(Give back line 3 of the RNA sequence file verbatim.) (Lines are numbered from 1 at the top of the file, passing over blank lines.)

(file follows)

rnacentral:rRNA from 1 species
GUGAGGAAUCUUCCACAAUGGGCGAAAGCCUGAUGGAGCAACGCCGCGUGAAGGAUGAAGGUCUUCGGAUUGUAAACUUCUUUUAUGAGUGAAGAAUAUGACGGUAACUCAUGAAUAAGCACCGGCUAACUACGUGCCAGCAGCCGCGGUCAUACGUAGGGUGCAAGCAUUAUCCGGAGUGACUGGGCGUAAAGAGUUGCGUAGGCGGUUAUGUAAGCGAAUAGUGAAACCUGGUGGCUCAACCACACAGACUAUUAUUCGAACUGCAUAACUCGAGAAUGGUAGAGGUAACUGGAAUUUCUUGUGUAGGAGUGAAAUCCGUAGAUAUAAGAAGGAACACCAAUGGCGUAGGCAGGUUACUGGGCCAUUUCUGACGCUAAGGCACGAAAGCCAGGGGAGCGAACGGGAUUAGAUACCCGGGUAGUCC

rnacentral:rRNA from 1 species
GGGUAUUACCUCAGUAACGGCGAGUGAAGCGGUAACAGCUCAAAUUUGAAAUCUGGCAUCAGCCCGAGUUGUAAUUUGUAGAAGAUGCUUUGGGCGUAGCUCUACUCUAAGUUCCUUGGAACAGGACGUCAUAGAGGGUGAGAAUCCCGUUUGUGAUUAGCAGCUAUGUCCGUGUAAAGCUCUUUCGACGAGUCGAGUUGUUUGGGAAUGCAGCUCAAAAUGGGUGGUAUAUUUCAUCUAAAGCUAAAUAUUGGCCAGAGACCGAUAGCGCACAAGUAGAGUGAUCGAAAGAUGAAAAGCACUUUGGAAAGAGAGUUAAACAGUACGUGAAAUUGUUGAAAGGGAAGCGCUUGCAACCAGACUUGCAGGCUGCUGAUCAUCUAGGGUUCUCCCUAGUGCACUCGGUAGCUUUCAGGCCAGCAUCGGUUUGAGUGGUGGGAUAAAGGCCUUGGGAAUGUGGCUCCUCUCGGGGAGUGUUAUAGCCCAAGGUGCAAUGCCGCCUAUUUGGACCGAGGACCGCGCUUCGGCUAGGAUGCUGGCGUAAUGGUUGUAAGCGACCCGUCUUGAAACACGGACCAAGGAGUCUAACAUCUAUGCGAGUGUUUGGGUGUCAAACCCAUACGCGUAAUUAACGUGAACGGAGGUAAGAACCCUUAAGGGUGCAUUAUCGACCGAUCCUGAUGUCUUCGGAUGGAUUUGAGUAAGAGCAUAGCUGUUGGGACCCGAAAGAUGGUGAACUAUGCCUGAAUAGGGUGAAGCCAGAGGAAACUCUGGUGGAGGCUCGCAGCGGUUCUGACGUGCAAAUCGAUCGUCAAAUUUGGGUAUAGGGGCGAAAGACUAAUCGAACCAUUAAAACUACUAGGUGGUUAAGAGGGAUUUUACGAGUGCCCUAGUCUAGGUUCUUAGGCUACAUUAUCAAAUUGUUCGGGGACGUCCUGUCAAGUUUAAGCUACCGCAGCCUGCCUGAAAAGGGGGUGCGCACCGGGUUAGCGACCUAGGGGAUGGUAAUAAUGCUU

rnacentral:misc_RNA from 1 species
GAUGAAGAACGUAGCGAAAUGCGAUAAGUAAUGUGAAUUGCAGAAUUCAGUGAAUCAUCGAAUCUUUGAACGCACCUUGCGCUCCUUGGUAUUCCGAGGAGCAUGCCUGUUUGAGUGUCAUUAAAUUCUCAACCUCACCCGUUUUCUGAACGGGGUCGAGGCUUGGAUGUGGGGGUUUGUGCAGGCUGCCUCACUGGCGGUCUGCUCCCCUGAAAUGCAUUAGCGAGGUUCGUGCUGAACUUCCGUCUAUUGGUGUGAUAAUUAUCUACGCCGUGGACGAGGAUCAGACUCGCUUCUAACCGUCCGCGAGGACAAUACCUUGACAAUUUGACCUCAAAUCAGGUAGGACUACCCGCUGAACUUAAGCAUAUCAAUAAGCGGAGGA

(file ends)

rnacentral:rRNA from 1 species